In the paper, the researchers described how a system using a small number of qubits on a quantum computer could run algorithmically complex aspects  of securities settlement trading. In a classical computer, said Braine, “we would need tens of millions of bits to represent the values in trading. It is quite a complex beast of a problem, and would need to run on 200 CPUs with large amounts of memory”.

With a seven-qubit system, he said, the team explored the core optimisation problem in securities transaction trading. “In our case, we were able to identify certain features that were of sufficient complexity,” he said.

This was the optimisation that could then be run on IBM’s cloud-based quantum computer. “When looking at quantum optimisation, you’re not looking at whether it runs better for clearing three trades,” said Braine. “Of course not – you can do that in your head. Does it run it better for a few, say 10? No. What we are looking for is whether the quantum computing has the potential to handle tens of thousands of trades and whether we can solve the trade settlement problems and get a better result on a larger scale.”

Quantum 101

One of the many challenges facing the use of quantum computing in business is trying to understand what it is and what it can be used for. Lee Braine, director of research and engineering at Barclays’ chief technology and innovation office, described it as analogous to a classical binary computer. In a classical computer, at the lowest level of machine level programming, a program may perform some binary operation on a piece of CPU logic, such as a Nand gate (the Not And binary operation). When a classical computer is programmed, he said,  “you have a series of gates and you connect the gates together to create a circuit”.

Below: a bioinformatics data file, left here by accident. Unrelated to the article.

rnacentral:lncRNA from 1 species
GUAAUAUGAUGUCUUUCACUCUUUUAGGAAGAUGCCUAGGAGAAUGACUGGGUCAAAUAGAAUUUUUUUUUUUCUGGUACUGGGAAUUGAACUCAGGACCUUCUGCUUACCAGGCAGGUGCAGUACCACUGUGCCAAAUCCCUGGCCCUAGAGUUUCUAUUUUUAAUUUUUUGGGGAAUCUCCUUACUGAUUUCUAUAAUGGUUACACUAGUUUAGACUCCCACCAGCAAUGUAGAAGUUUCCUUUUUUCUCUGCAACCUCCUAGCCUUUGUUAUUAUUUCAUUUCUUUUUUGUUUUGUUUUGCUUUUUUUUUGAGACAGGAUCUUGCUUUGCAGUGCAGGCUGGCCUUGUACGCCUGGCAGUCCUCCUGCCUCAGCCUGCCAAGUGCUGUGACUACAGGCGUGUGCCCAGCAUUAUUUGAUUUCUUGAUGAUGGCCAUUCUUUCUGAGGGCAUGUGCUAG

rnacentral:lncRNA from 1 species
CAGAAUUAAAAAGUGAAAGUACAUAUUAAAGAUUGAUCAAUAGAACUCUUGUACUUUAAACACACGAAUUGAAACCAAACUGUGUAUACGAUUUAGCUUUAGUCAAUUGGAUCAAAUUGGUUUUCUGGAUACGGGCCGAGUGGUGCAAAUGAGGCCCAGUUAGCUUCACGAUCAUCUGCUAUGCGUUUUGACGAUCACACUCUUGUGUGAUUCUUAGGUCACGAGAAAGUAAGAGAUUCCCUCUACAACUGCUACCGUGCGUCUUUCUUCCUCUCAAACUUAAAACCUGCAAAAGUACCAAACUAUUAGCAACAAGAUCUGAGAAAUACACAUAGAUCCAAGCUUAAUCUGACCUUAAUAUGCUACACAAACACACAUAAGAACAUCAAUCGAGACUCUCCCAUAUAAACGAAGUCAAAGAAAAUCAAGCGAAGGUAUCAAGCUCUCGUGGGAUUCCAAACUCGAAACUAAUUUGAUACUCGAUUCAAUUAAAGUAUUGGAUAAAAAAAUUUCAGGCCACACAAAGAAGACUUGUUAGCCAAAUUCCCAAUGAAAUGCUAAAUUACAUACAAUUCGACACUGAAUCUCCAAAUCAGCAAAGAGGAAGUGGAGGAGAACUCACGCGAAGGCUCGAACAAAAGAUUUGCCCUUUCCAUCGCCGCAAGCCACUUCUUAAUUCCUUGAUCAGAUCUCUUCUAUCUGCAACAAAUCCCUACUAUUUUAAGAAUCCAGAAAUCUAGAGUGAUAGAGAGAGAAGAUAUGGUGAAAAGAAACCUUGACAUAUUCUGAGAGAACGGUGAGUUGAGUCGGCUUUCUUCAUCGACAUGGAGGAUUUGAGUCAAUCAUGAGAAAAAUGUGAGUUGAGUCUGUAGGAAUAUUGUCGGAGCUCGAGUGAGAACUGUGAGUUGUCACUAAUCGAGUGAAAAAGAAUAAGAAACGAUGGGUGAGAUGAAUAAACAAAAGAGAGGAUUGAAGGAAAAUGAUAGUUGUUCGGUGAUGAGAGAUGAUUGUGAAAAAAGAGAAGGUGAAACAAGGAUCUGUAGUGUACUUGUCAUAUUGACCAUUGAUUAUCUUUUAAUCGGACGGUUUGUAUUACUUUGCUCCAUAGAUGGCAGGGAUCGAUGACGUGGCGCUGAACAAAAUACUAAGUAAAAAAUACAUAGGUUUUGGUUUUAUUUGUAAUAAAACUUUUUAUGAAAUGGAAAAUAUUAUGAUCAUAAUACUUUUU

A quantum program is analogous, but uses quantum mechanics rather than binary bits that switch on (1) or off (0) in a classical computer architecture. Quantum gates are implemented by sending micropulses to quantum circuits, which influence the state of the qubits (quantum bits). At the highest level, said Braine, programming a quantum computer can be achieved by writing some software in a language such as Python, or even using a visual drag-and-drop programming tool. But it is still very early days for quantum computing and the pioneers need to have an understanding of how it works under the covers.

Although the paper described a proof of concept, there are many barriers to overcome before such technology makes it in the commercial world. First, there are the skills, said Braine: “There are many people at the bank with physics and computer science backgrounds, but we need to partner to get the specialism in quantum computing that is currently required.”

At Barclays, one of the roles of the chief technology and innovation office is to assess potential scenarios, he said. “We need to think about the specialist hardware required, the specialist teams and the need for the quantum computer to be hosted by a third party, which raises potential jurisdiction challenges.”

Explaining how the quantum computer came up with its answer is another problem that needs to be overcome, said Braine. “Explainability in quantum computers is similar to AI. Someone needs to articulate how the algorithm works that can be understood by a regulator and risk assessors.”